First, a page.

Prosecutors in Florida have secured a victory in a tax-scam case against a construction company. The two sides reached a settlement worth $5.2 million. In the case, five partners backed a firm that inflated tax credits by inflating the costs of projects. Those five partners were uncharged in the scam.
The construction company, based in South Florida, was accused by prosecutors of inflating the cost of housing projects for residents with low income. The construction company, called DAXC, is now out of business. All five of the company's partners avoided federal charges in exchange for paying the settlement to the federal government. The settlement payment resolved the case using a deferred prosecution agreement.
One of the five partners involved in the scheme led the company, which was also affiliated with the Pinnacle Housing Group, based out of Miami. DAXC was formed by Pinnacle in 2009. Not long after it was formed DAXC qualified for low income housing tax credits from the Florida Housing Finance Corporation.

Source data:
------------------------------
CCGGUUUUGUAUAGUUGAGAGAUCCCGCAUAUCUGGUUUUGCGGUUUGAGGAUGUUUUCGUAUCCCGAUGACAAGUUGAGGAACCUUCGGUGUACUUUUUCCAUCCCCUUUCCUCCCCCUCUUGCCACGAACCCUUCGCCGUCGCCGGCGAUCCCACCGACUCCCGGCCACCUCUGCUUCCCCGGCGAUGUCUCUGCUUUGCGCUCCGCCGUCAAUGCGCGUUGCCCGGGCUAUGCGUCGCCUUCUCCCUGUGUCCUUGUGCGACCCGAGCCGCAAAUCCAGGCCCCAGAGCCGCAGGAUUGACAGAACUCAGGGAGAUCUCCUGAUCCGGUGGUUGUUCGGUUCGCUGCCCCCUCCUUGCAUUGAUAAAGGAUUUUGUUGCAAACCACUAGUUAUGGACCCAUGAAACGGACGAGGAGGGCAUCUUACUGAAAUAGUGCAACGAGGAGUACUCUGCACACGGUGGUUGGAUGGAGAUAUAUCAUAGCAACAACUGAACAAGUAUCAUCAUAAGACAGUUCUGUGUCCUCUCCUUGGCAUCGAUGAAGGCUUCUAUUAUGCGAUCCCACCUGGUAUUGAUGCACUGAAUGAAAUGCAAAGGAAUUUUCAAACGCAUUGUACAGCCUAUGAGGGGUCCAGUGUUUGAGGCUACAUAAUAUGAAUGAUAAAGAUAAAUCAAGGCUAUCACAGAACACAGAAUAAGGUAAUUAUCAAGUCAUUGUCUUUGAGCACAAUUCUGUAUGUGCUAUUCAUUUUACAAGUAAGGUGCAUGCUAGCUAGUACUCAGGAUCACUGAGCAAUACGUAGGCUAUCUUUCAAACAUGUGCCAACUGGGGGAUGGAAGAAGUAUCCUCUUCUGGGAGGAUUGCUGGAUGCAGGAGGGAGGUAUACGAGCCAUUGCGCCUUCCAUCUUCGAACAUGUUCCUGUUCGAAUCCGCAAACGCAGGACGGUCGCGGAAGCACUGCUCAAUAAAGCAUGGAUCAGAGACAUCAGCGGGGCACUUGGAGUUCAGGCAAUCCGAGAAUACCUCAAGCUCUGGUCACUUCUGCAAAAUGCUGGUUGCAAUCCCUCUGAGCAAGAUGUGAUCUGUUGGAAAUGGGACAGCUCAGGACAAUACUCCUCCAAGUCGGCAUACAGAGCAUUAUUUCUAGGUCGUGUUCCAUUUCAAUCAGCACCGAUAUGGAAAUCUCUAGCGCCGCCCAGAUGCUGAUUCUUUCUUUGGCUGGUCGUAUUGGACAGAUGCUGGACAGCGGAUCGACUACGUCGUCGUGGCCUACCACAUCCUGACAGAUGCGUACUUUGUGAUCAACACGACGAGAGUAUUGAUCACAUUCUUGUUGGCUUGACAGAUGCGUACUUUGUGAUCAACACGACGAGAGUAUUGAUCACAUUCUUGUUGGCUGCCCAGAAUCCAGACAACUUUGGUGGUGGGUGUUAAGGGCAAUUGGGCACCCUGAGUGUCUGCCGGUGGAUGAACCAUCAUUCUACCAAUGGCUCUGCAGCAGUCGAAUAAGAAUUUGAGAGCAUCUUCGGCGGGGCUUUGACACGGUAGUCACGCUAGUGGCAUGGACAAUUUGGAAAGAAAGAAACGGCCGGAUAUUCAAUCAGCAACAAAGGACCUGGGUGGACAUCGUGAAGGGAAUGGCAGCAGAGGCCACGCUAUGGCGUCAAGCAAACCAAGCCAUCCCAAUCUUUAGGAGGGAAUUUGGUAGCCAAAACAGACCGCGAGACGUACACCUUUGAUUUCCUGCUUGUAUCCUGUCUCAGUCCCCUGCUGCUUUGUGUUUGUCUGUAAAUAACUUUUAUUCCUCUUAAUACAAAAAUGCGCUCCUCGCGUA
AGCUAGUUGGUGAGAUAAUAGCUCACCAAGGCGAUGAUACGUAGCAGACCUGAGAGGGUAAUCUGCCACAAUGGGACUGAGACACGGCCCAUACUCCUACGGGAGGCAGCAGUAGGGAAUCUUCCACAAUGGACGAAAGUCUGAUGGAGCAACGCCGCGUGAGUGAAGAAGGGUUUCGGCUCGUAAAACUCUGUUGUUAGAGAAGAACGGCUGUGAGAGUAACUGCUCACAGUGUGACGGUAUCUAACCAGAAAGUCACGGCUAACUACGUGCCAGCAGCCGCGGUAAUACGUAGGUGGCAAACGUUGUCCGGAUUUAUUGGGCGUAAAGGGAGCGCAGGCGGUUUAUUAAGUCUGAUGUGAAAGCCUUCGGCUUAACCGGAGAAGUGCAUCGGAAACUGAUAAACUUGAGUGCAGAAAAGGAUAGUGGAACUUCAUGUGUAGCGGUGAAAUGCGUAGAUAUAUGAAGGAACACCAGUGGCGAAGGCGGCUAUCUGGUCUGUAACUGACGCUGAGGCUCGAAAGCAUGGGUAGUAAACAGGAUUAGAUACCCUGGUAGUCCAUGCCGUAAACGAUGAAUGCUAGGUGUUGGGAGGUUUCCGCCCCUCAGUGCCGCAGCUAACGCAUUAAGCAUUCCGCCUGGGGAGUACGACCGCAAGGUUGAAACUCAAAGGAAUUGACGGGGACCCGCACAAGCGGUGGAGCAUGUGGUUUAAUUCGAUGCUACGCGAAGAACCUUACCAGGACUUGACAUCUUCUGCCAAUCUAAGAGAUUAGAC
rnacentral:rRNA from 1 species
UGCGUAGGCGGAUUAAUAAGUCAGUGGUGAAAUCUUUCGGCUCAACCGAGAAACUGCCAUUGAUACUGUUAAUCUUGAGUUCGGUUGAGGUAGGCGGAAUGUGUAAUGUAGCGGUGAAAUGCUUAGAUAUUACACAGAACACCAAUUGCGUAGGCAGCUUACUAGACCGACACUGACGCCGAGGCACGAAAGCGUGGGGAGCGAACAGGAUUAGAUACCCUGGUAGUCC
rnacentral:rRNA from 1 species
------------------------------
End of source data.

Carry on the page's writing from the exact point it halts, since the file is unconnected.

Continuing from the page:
The credits were issued for DAXC to build four apartment complexes for tenants with low income. Three of the apartment complexes were to be built in South Florida and one complex was to be built in Central Florida. The locations were to be Cypress Grove in Winter Haven, Vista Mar in Miami, Orchid Grove in Homestead, and Avery Glen in Sunrise.
According to the deal with the prosecutors, the five partners from DAXC were to pay a $1 million fine to the federal government, $800,000 in fees for the construction and development of the four projects and $3.4 million in inflated federal tax credits.
Pinnacle released the following statement: "Recently, the federal government contacted Pinnacle about DAXC, and indicated that profits generated by DAXC on these four developments were unwarranted. Upon learning of this, DAXC voluntarily returned the profits along with a fine, thus concluding the inquiry."
An experienced class actions attorney can answer all of your construction litigation questions in Melbourne, Florida.
Source: The Real Deal, "Prosecutors win $5.2M settlement in construction tax-scam case," March 11, 2017